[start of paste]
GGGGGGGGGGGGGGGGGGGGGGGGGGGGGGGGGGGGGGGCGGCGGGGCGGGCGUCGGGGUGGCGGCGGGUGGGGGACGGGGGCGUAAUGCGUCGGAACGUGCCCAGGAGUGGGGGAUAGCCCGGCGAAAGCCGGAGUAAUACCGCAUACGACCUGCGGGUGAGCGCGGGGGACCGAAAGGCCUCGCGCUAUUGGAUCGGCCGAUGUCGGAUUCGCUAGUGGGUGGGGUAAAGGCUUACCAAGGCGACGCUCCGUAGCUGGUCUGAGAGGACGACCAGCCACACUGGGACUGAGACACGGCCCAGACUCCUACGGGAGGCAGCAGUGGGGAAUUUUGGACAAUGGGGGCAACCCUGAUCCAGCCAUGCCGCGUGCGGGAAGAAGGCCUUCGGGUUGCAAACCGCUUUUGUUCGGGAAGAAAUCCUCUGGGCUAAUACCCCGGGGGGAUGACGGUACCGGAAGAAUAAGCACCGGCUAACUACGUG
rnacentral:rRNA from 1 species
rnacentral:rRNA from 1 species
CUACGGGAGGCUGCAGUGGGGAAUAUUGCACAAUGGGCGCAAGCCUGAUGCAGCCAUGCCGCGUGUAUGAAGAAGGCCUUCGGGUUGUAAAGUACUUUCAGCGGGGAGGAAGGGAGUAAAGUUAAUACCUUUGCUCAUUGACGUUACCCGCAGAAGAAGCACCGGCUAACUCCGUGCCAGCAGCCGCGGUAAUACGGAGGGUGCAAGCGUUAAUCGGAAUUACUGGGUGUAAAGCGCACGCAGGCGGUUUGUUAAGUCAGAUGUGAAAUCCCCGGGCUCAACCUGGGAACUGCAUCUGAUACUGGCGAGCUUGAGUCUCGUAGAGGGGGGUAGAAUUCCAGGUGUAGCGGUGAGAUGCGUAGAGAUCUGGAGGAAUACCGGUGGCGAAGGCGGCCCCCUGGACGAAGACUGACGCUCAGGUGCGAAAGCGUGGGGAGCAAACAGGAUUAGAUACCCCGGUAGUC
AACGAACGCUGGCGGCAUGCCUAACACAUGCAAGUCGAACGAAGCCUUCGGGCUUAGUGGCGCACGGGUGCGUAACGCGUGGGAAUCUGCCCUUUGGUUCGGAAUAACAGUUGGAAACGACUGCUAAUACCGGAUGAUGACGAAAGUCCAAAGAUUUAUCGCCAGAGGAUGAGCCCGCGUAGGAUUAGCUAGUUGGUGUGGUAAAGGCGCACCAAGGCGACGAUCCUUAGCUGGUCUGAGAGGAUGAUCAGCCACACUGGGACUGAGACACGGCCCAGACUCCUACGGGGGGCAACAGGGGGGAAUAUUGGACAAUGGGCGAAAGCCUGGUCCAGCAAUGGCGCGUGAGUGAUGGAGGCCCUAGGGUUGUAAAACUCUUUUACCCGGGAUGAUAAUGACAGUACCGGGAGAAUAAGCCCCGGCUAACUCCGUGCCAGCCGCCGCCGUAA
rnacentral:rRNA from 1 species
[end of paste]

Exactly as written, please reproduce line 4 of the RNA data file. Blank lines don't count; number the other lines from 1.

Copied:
CUACGGGAGGCUGCAGUGGGGAAUAUUGCACAAUGGGCGCAAGCCUGAUGCAGCCAUGCCGCGUGUAUGAAGAAGGCCUUCGGGUUGUAAAGUACUUUCAGCGGGGAGGAAGGGAGUAAAGUUAAUACCUUUGCUCAUUGACGUUACCCGCAGAAGAAGCACCGGCUAACUCCGUGCCAGCAGCCGCGGUAAUACGGAGGGUGCAAGCGUUAAUCGGAAUUACUGGGUGUAAAGCGCACGCAGGCGGUUUGUUAAGUCAGAUGUGAAAUCCCCGGGCUCAACCUGGGAACUGCAUCUGAUACUGGCGAGCUUGAGUCUCGUAGAGGGGGGUAGAAUUCCAGGUGUAGCGGUGAGAUGCGUAGAGAUCUGGAGGAAUACCGGUGGCGAAGGCGGCCCCCUGGACGAAGACUGACGCUCAGGUGCGAAAGCGUGGGGAGCAAACAGGAUUAGAUACCCCGGUAGUC